Posted on Tuesday, August 12th, 2014 by Peter Sciretta
Godzilla was the fun theme park ride I was looking for this summer, and Godzilla was the popcorn film of my Summer. I’m the type of guy who loves the long tease, and Godzilla brilliantly stretched the reveals of the title creature and the film’s other monsters, slowly building a sense of dread inside me.
When the action happens, director Gareth Edwards presents sequences that feel more Spielberg than Spielberg. I love how 99% of the action is grounded from a human point of view — most monster films opt for the epic wide-shots from impossible vantage points. Strangely, the script for Edwards’ film feels more like a Roland Emmerich movie than Emmerich’s 1998 Godzilla movie. Which again, I had less of a problem with than most critics. That said, it would be nice if the announced sequel beefs up the story a bit.
3. Dawn of the Planet of the Apes
Rupert Wyatt’s Rise of the Planet of the Apes was the big surprise of the Summer of 2011. And while I really dug that movie a lot, the human characters left a lot to be desired and the film contained some real cringeworthy moments, like Draco Malfoy yelling “Take your stinking paws off me, you damn dirty ape!” Matt Reeves’ Dawn of the Planet of the Apes is to Rise as Empire Strikes Back is to A New Hope — it improves on the promise, world and characters in every single way imaginable. Dawn does what all great science fiction films do, in this case making us ponder big questions about our world while watching a story about intelligent ape characters in a setting we will never experience in real life.
Andy Serkis and Toby Kebbell’s ape performances are the greatest motion capture performances to ever grace to silver screen — truly next level. Having the film start from Ceasar’s point of view instead of that of the humans was a brilliant yet risky choice. I love that the first 15 minutes of the movie is basically a silent nature film with few words spoken and mostly sound language. I could watch a whole movie of just the apes living in their community, no humans needed.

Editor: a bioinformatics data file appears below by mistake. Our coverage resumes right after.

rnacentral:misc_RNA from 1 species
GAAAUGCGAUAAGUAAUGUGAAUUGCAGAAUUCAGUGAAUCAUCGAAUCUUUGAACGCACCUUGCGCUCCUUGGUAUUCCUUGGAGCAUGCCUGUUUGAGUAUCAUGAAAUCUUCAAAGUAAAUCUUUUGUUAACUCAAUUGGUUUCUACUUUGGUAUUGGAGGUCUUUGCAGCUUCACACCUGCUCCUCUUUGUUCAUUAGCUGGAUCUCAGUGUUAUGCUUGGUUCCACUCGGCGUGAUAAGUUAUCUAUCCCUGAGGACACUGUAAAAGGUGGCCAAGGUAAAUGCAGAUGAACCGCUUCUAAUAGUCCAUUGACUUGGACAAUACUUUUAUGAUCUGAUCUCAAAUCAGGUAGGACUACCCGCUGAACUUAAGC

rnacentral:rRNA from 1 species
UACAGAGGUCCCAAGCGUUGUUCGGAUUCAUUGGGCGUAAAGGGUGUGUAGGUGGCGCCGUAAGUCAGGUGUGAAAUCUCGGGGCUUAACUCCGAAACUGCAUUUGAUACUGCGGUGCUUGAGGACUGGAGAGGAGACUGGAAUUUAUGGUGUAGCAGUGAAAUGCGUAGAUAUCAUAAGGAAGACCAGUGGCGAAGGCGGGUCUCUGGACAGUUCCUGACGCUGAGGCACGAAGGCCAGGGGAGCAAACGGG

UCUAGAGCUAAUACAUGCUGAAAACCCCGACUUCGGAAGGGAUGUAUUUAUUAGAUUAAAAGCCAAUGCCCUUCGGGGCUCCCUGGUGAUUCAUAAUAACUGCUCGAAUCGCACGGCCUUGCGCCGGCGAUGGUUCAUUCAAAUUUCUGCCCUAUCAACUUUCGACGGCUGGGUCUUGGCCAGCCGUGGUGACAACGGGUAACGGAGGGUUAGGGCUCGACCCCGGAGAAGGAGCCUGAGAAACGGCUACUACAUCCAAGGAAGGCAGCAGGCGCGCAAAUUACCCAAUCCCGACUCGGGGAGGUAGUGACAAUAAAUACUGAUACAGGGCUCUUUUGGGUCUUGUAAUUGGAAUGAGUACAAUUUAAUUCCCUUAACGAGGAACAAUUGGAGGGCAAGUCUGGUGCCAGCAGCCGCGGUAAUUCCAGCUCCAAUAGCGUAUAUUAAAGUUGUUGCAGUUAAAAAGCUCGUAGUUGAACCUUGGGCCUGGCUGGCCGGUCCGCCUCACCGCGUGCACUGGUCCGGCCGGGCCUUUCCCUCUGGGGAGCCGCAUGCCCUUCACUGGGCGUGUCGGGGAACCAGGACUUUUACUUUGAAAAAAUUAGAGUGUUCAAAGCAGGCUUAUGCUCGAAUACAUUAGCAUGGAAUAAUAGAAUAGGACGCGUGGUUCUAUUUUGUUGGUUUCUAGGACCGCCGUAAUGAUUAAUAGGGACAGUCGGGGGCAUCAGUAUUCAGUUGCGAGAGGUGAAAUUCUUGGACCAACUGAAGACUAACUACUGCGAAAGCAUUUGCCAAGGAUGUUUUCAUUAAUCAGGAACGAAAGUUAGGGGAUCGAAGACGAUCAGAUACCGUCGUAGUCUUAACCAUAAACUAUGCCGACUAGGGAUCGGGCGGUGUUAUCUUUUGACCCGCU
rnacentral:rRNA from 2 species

Even the human badguys were not black and white villains, offering us a chance to empathize with their dire situation. This film actually had me tear up twice, which is a huge feat. I’ve seen this film three times in the theater. In any other year this might be my favorite film of the year, but this Summer was just so packed with great movies.
2. Guardians of the Galaxy
Guardians of the Galaxy was the pure-fun movie of this summer (and year so far). It makes me happy that such a story with such bizarre characters and settings has been fully accepted by the mainstream public. While this film is adapted from the Marvel comic book series, it may as well be a Marvel-branded original movie directed by James Gunn. Its great to see such a fully in big budget sci-fi film in a world with movie studios struggling to try to make science fiction movies less sci-fi and more human so that they’ll appeal to the mass audiences. I hope Marvel lets Gunn explore even weirder sci-fi territory in the sequel.
Everyone loves Rocket and Groot, but thats to be expected. The biggest surprise of the movie has to be Dave Bautista as Drax — Bautista perfectly handled the humor and brought the character to life. Chris Pratt is hilarious and makes a great misfit hero. The 1970’s/1980’s “awesome mix” soundtrack is amazing, and the group actually has a good proper theme song (something other Marvel films lack).
This is another film that I’ve seen two times in the theater this summer. I use to see a lot of movies multiple times during their theatrical runs, but as I grow older that practice is happening less and less. I’m not sure if as we grow older I am finding my free time to be more valuable or if I’ve become more picky and am only returning for those films that deserve another viewing on the big screen. Either way, I plan to return to see this a third time on the big screen — I have yet to see it in IMAX 3D, which I’ve heard expands and plays with the 3D in ways that no other film has. Also kudos to James Gunn for supervising Marvel’s first good 3D post conversion.
This is the third film on this list that I’ve seen more than once in the theater, and considering its almost three hour running time, its the equivalent of seeing a Pixar movie like Toy Story almost 4 and a half times.
Boyhood is a small epic. Richard Linklater has truly created something special with Boyhood — a remarkable, beautiful, cinematic achievement, like nothing you have ever seen before (or are likely going to see again). I had been looking forward to this film for many years now and the film surpassed every expectation. Boyhood is more than just a gimmick or experiment, its a great movie about how our lives are built and rebuilt and changed over the course of our formative years. Its not just the best film of this Summer but is likely going to top my best films of the year list. Its a movie I expect to revisit regularly for years to come, a modern classic.
Discuss: Which films was I right about, which movies was I wrong about? What movies did I leave off this list or possibly not see? Did anything fly under the radar this summer? Leave your thoughts in the comments below!